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Asian Servants for the Imperial Telegraph: Imagining North Australia as an Indian Ocean Colony before 1914

Journal Article


Abstract


  • In the late nineteenth century, the officers of the Eastern Extension Australasia and China Telegraph Company provided north Australia with a cable connection to London via Java, Singapore, and India. The telegraph project prompted a new era of colonisation in tropical north Australia and the officers of the company sought to ensure that the north would be shaped according to their notions of Indian Ocean colonial culture. They insisted on employing Asian domestic servants in opposition to White Australian nationalists who advocated restrictions on Asian migration. Like the pearling industry, which was permitted ongoing access to Asian labour, the telegraph company drew on the support of liberal parliamentarians, and leveraged their privileged position as providers of imperial telecommunications to develop an elite colonial counter-culture in north Australia.

Publication Date


  • 2017

Citation


  • Martinez, J. (2017). Asian Servants for the Imperial Telegraph: Imagining North Australia as an Indian Ocean Colony before 1914. Australian Historical Studies, 48 (2), 227-243.

Scopus Eid


  • 2-s2.0-85019352663

Ro Metadata Url


  • http://ro.uow.edu.au/lhapapers/2997

Number Of Pages


  • 16

Start Page


  • 227

End Page


  • 243

Volume


  • 48

Issue


  • 2

Place Of Publication


  • Australia

Abstract


  • In the late nineteenth century, the officers of the Eastern Extension Australasia and China Telegraph Company provided north Australia with a cable connection to London via Java, Singapore, and India. The telegraph project prompted a new era of colonisation in tropical north Australia and the officers of the company sought to ensure that the north would be shaped according to their notions of Indian Ocean colonial culture. They insisted on employing Asian domestic servants in opposition to White Australian nationalists who advocated restrictions on Asian migration. Like the pearling industry, which was permitted ongoing access to Asian labour, the telegraph company drew on the support of liberal parliamentarians, and leveraged their privileged position as providers of imperial telecommunications to develop an elite colonial counter-culture in north Australia.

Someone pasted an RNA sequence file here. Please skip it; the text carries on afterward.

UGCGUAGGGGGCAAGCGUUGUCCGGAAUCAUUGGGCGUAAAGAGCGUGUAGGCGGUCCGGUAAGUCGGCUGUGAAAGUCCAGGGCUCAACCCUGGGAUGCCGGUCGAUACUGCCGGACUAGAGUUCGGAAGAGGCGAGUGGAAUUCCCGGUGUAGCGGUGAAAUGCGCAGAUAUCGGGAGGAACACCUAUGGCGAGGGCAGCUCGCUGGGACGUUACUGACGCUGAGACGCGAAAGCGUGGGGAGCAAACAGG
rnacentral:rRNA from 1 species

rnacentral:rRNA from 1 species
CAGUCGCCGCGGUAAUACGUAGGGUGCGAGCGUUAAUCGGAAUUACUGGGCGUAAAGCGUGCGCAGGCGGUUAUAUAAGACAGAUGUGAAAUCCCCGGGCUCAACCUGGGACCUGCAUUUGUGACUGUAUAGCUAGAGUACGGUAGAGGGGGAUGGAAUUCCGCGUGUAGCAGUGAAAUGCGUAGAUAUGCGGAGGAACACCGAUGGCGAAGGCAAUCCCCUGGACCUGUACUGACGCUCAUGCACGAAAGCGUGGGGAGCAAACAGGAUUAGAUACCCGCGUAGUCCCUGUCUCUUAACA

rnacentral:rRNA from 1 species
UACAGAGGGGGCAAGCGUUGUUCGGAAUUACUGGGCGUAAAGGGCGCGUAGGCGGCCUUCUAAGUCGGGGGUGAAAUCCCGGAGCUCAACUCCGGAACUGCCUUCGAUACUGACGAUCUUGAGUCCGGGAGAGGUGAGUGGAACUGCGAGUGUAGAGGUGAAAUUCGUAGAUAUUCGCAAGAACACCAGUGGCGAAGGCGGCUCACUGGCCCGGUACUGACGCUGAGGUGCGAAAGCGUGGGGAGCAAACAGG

Publication Date


  • 2017

Citation


  • Martinez, J. (2017). Asian Servants for the Imperial Telegraph: Imagining North Australia as an Indian Ocean Colony before 1914. Australian Historical Studies, 48 (2), 227-243.

Scopus Eid


  • 2-s2.0-85019352663

Ro Metadata Url


  • http://ro.uow.edu.au/lhapapers/2997

Number Of Pages


  • 16

Start Page


  • 227

End Page


  • 243

Volume


  • 48

Issue


  • 2

Place Of Publication


  • Australia